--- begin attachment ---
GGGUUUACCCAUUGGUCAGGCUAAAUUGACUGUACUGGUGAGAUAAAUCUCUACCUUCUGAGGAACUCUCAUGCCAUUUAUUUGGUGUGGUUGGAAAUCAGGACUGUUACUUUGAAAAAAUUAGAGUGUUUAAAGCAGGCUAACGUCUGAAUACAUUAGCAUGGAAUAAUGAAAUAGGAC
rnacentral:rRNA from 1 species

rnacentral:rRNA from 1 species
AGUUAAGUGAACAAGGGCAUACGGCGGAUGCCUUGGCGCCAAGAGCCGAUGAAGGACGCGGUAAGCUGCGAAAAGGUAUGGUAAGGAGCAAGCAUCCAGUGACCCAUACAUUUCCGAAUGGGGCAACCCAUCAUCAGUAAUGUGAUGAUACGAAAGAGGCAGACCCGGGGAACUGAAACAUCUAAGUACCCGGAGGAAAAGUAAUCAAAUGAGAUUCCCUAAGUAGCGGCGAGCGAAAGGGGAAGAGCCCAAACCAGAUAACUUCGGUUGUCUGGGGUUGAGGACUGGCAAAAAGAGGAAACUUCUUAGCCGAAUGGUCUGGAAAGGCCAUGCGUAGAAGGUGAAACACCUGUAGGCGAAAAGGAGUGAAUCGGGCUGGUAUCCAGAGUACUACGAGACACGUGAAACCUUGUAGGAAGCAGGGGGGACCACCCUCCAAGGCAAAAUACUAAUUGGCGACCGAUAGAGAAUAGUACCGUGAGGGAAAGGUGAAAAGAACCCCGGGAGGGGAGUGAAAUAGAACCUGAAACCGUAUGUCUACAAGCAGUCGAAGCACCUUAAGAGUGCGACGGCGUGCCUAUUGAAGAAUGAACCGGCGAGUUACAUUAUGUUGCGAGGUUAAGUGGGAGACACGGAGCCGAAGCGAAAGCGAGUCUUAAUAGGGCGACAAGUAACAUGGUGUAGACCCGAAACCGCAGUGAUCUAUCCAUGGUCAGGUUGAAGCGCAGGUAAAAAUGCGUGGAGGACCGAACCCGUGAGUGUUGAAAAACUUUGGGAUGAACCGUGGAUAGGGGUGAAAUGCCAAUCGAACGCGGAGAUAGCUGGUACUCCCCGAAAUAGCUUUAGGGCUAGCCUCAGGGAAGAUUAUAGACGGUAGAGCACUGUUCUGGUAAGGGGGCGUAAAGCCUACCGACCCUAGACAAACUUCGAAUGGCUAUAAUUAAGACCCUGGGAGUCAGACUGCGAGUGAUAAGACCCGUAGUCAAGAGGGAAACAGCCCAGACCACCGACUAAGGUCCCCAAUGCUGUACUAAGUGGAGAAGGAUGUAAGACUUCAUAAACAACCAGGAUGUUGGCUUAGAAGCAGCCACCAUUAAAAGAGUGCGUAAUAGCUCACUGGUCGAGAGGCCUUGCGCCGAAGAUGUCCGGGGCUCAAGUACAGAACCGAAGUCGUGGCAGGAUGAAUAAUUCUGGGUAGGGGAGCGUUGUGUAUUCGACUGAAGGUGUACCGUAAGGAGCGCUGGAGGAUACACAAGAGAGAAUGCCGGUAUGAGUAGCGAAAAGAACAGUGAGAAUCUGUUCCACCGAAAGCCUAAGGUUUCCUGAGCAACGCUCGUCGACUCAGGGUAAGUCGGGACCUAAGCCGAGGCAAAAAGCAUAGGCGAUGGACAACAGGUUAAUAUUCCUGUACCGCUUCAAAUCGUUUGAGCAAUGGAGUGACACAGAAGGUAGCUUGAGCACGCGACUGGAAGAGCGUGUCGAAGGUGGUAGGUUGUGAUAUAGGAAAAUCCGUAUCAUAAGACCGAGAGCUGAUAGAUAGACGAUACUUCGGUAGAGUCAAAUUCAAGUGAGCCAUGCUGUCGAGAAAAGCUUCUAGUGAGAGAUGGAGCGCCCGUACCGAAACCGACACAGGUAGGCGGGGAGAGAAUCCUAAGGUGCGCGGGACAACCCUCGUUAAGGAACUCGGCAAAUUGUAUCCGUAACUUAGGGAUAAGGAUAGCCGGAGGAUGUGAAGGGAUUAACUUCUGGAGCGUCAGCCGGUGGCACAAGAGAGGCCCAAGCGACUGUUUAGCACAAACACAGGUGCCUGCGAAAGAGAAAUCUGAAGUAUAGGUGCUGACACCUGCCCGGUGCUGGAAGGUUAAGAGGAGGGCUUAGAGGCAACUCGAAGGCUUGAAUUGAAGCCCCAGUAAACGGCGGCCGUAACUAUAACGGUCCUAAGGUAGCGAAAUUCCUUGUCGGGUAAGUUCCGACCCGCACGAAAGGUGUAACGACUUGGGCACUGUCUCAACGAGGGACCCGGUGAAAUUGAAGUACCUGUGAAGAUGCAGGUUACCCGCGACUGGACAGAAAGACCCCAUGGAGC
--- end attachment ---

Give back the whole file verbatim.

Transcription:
GGGUUUACCCAUUGGUCAGGCUAAAUUGACUGUACUGGUGAGAUAAAUCUCUACCUUCUGAGGAACUCUCAUGCCAUUUAUUUGGUGUGGUUGGAAAUCAGGACUGUUACUUUGAAAAAAUUAGAGUGUUUAAAGCAGGCUAACGUCUGAAUACAUUAGCAUGGAAUAAUGAAAUAGGAC
rnacentral:rRNA from 1 species

rnacentral:rRNA from 1 species
AGUUAAGUGAACAAGGGCAUACGGCGGAUGCCUUGGCGCCAAGAGCCGAUGAAGGACGCGGUAAGCUGCGAAAAGGUAUGGUAAGGAGCAAGCAUCCAGUGACCCAUACAUUUCCGAAUGGGGCAACCCAUCAUCAGUAAUGUGAUGAUACGAAAGAGGCAGACCCGGGGAACUGAAACAUCUAAGUACCCGGAGGAAAAGUAAUCAAAUGAGAUUCCCUAAGUAGCGGCGAGCGAAAGGGGAAGAGCCCAAACCAGAUAACUUCGGUUGUCUGGGGUUGAGGACUGGCAAAAAGAGGAAACUUCUUAGCCGAAUGGUCUGGAAAGGCCAUGCGUAGAAGGUGAAACACCUGUAGGCGAAAAGGAGUGAAUCGGGCUGGUAUCCAGAGUACUACGAGACACGUGAAACCUUGUAGGAAGCAGGGGGGACCACCCUCCAAGGCAAAAUACUAAUUGGCGACCGAUAGAGAAUAGUACCGUGAGGGAAAGGUGAAAAGAACCCCGGGAGGGGAGUGAAAUAGAACCUGAAACCGUAUGUCUACAAGCAGUCGAAGCACCUUAAGAGUGCGACGGCGUGCCUAUUGAAGAAUGAACCGGCGAGUUACAUUAUGUUGCGAGGUUAAGUGGGAGACACGGAGCCGAAGCGAAAGCGAGUCUUAAUAGGGCGACAAGUAACAUGGUGUAGACCCGAAACCGCAGUGAUCUAUCCAUGGUCAGGUUGAAGCGCAGGUAAAAAUGCGUGGAGGACCGAACCCGUGAGUGUUGAAAAACUUUGGGAUGAACCGUGGAUAGGGGUGAAAUGCCAAUCGAACGCGGAGAUAGCUGGUACUCCCCGAAAUAGCUUUAGGGCUAGCCUCAGGGAAGAUUAUAGACGGUAGAGCACUGUUCUGGUAAGGGGGCGUAAAGCCUACCGACCCUAGACAAACUUCGAAUGGCUAUAAUUAAGACCCUGGGAGUCAGACUGCGAGUGAUAAGACCCGUAGUCAAGAGGGAAACAGCCCAGACCACCGACUAAGGUCCCCAAUGCUGUACUAAGUGGAGAAGGAUGUAAGACUUCAUAAACAACCAGGAUGUUGGCUUAGAAGCAGCCACCAUUAAAAGAGUGCGUAAUAGCUCACUGGUCGAGAGGCCUUGCGCCGAAGAUGUCCGGGGCUCAAGUACAGAACCGAAGUCGUGGCAGGAUGAAUAAUUCUGGGUAGGGGAGCGUUGUGUAUUCGACUGAAGGUGUACCGUAAGGAGCGCUGGAGGAUACACAAGAGAGAAUGCCGGUAUGAGUAGCGAAAAGAACAGUGAGAAUCUGUUCCACCGAAAGCCUAAGGUUUCCUGAGCAACGCUCGUCGACUCAGGGUAAGUCGGGACCUAAGCCGAGGCAAAAAGCAUAGGCGAUGGACAACAGGUUAAUAUUCCUGUACCGCUUCAAAUCGUUUGAGCAAUGGAGUGACACAGAAGGUAGCUUGAGCACGCGACUGGAAGAGCGUGUCGAAGGUGGUAGGUUGUGAUAUAGGAAAAUCCGUAUCAUAAGACCGAGAGCUGAUAGAUAGACGAUACUUCGGUAGAGUCAAAUUCAAGUGAGCCAUGCUGUCGAGAAAAGCUUCUAGUGAGAGAUGGAGCGCCCGUACCGAAACCGACACAGGUAGGCGGGGAGAGAAUCCUAAGGUGCGCGGGACAACCCUCGUUAAGGAACUCGGCAAAUUGUAUCCGUAACUUAGGGAUAAGGAUAGCCGGAGGAUGUGAAGGGAUUAACUUCUGGAGCGUCAGCCGGUGGCACAAGAGAGGCCCAAGCGACUGUUUAGCACAAACACAGGUGCCUGCGAAAGAGAAAUCUGAAGUAUAGGUGCUGACACCUGCCCGGUGCUGGAAGGUUAAGAGGAGGGCUUAGAGGCAACUCGAAGGCUUGAAUUGAAGCCCCAGUAAACGGCGGCCGUAACUAUAACGGUCCUAAGGUAGCGAAAUUCCUUGUCGGGUAAGUUCCGACCCGCACGAAAGGUGUAACGACUUGGGCACUGUCUCAACGAGGGACCCGGUGAAAUUGAAGUACCUGUGAAGAUGCAGGUUACCCGCGACUGGACAGAAAGACCCCAUGGAGC